Study: Inherent Flaws in Community Development Responses to Foreclosure Crisis

A new study by Laura Wolf-Powers at the University of Pennsylvania finds inherent conflict in the three varieties of response by community development practitioners to the foreclosure crisis.

The study, "Understanding community development in a 'theory of action' framework: Norms, markets, justice," "proposes that the theories of action motivating neighbourhood regeneration policy were in conflict, and that this conflict constrained practitioners and policy-makers from delivering a greater measure of relief to affected neighbourhoods and households," according to an article introducing the study by Science Daily. The study was published in the Planning Theory & Practice journal.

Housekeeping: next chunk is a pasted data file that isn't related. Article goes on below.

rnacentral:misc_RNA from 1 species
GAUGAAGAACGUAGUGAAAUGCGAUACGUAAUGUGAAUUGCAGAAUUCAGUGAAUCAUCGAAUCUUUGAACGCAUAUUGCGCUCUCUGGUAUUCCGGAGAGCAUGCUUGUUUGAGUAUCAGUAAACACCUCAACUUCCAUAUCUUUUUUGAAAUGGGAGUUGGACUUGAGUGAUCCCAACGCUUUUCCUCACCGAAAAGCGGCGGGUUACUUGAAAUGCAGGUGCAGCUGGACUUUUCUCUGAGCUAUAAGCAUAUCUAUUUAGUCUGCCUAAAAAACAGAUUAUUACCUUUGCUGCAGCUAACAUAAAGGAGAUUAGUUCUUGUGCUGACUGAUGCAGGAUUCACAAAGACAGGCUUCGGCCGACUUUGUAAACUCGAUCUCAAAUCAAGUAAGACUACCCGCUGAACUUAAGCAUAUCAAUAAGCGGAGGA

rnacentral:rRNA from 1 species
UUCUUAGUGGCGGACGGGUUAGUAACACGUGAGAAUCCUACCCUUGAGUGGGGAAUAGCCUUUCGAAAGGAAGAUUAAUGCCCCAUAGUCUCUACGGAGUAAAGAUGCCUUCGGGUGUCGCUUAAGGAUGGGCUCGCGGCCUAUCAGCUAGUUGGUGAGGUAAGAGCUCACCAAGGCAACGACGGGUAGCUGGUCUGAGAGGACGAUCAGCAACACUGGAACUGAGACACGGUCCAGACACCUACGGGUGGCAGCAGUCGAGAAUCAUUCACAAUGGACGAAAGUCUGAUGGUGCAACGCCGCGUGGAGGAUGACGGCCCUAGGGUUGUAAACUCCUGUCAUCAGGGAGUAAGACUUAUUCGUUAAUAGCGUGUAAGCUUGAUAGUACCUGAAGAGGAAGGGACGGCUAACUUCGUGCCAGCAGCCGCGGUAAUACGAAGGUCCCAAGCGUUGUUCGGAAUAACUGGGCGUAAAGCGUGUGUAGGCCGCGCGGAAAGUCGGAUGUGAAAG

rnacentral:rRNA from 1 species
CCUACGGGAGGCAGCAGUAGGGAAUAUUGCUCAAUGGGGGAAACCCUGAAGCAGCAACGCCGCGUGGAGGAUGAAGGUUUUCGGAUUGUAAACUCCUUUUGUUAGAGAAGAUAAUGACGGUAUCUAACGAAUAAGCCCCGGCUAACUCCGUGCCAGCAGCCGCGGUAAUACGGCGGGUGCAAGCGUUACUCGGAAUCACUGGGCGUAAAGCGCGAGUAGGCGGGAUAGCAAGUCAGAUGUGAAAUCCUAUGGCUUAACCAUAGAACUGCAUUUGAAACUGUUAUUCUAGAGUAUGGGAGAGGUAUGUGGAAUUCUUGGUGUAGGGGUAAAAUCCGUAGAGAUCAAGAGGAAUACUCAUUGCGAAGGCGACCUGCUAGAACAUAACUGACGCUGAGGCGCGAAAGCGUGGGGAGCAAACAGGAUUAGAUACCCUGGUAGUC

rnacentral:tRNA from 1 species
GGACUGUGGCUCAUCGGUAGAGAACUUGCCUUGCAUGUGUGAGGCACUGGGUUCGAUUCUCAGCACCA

Regarding those three responses, or "theories of action" as they're described by the study:

"The first, based on the idea that the residents of distressed neighbourhoods suffer from a lack of social capital, reflects the hypothesis that the activation of positive network ties and the reinstatement of desirable social norms are the keys to economic revitalization. The second; people must more actively engage the private sector and embrace market-led regeneration in order to thrive. The third theory rests on the principle that the condition most troublingly absent from struggling neighbourhoods is a concern with equitable outcomes, as well as lack of influence on the mechanisms of policy-making."

Full Story: Did community development practitioners offer enough relief to neighborhoods affected by U.S. housing crisis?

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